City dedicates future site of central library branch, Library and Archives joint facility

Municipal and federal politicians today dedicated the site at Albert Street and Commissioner Street that will eventually be home to the city's new main public library branch – a joint facility with Library and Archives Canada. Beatrice Britneff / Global News

Municipal and federal politicians on Monday dedicated the site in downtown Ottawa that will eventually be home to the city’s new main public library branch — a joint facility with Library and Archives Canada.

Construction on the new multi-million-dollar central library — to be located at the corner of Albert Street and Commissioner Street, overlooking LeBreton Flats — is scheduled to begin in 2021 and conclude in 2024.

The site is now identified with a large sign, “so people across the city know exactly where the new library is going to be located,” said Ottawa Mayor Jim Watson, flanked by city councillors, members of Parliament and a group of school children.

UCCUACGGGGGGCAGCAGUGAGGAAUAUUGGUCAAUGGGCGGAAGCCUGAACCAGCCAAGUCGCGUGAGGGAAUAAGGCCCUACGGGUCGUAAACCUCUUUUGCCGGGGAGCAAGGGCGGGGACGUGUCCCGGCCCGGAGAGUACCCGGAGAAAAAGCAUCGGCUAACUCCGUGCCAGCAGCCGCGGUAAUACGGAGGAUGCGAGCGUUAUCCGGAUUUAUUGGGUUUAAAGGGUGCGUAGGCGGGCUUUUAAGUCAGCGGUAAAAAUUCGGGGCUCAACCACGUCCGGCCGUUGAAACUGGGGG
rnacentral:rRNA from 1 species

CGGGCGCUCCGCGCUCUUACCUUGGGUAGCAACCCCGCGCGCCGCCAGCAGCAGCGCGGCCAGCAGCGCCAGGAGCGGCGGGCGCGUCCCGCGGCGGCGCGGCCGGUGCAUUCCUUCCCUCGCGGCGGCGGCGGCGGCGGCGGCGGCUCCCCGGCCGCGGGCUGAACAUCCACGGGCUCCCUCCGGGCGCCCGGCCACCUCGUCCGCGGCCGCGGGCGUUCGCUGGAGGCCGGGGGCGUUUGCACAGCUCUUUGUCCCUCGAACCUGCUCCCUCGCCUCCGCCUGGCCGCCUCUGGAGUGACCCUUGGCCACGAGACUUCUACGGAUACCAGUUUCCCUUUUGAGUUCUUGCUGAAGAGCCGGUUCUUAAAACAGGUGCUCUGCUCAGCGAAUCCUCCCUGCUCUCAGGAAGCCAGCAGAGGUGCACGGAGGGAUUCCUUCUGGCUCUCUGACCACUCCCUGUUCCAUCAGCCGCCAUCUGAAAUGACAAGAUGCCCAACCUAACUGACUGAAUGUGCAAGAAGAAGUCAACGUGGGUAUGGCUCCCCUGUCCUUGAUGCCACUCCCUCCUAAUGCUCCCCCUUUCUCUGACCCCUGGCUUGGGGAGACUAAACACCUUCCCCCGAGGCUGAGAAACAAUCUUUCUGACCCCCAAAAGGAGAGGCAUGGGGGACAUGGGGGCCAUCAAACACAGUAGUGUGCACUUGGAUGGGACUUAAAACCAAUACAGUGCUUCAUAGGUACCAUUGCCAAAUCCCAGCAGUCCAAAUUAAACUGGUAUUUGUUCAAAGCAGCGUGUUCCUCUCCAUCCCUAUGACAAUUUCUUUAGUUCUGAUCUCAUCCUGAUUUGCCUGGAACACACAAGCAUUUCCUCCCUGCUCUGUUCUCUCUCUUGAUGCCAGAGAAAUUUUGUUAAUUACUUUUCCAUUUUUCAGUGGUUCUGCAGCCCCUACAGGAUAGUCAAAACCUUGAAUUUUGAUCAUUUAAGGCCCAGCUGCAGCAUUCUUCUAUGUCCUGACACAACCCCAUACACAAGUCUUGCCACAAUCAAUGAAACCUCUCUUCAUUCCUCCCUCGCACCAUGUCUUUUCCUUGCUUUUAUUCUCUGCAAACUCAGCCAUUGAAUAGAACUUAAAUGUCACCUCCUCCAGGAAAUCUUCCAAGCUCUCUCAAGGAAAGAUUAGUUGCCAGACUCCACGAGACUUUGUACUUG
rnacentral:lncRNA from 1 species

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The dedication came about a month after Ottawa City Council approved the municipality’s plan for financing the library’s construction and selling the property downtown at Laurier Avenue and Metcalfe Street, where the main branch is currently located.

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The estimated cost of building the new mega-library, which officials promise will be a “world-class” facility, is $174.8 million.

Before the sign was unveiled, Coun. Tim Tierney, chair of the Ottawa Public Library Board, said he wanted to honour the people and the land of the Algonquin Anishinaabe First Nation, on whose unceded territory the new central library will be located.

Catherine McKenna, the federal environment minister and MP for Ottawa Centre, attended the ceremony and made remarks on behalf of Canadian Heritage Minister Mélanie Joly.

Five teams for architects are currently competing for the design contract, shortlisted from 33. Watson reiterated that the contract will be awarded “by this fall at the latest.”

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